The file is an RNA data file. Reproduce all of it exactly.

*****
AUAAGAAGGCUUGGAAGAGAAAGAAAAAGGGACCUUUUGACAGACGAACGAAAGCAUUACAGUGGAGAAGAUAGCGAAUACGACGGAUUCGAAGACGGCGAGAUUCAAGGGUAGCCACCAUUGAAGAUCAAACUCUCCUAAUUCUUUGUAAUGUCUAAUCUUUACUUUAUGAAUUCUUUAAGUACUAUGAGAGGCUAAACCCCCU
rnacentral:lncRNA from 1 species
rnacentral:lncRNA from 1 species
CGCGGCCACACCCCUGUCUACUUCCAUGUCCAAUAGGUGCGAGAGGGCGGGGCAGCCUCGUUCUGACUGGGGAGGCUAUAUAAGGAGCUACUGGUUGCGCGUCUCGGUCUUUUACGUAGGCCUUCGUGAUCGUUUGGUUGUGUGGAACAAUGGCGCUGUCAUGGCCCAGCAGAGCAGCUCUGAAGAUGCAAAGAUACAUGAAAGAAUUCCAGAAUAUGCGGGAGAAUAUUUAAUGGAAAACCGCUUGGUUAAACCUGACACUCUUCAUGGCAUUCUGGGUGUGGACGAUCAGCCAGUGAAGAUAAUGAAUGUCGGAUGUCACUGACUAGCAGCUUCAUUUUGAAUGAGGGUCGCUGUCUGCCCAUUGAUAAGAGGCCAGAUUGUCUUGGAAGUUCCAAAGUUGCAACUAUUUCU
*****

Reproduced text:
AUAAGAAGGCUUGGAAGAGAAAGAAAAAGGGACCUUUUGACAGACGAACGAAAGCAUUACAGUGGAGAAGAUAGCGAAUACGACGGAUUCGAAGACGGCGAGAUUCAAGGGUAGCCACCAUUGAAGAUCAAACUCUCCUAAUUCUUUGUAAUGUCUAAUCUUUACUUUAUGAAUUCUUUAAGUACUAUGAGAGGCUAAACCCCCU
rnacentral:lncRNA from 1 species
rnacentral:lncRNA from 1 species
CGCGGCCACACCCCUGUCUACUUCCAUGUCCAAUAGGUGCGAGAGGGCGGGGCAGCCUCGUUCUGACUGGGGAGGCUAUAUAAGGAGCUACUGGUUGCGCGUCUCGGUCUUUUACGUAGGCCUUCGUGAUCGUUUGGUUGUGUGGAACAAUGGCGCUGUCAUGGCCCAGCAGAGCAGCUCUGAAGAUGCAAAGAUACAUGAAAGAAUUCCAGAAUAUGCGGGAGAAUAUUUAAUGGAAAACCGCUUGGUUAAACCUGACACUCUUCAUGGCAUUCUGGGUGUGGACGAUCAGCCAGUGAAGAUAAUGAAUGUCGGAUGUCACUGACUAGCAGCUUCAUUUUGAAUGAGGGUCGCUGUCUGCCCAUUGAUAAGAGGCCAGAUUGUCUUGGAAGUUCCAAAGUUGCAACUAUUUCU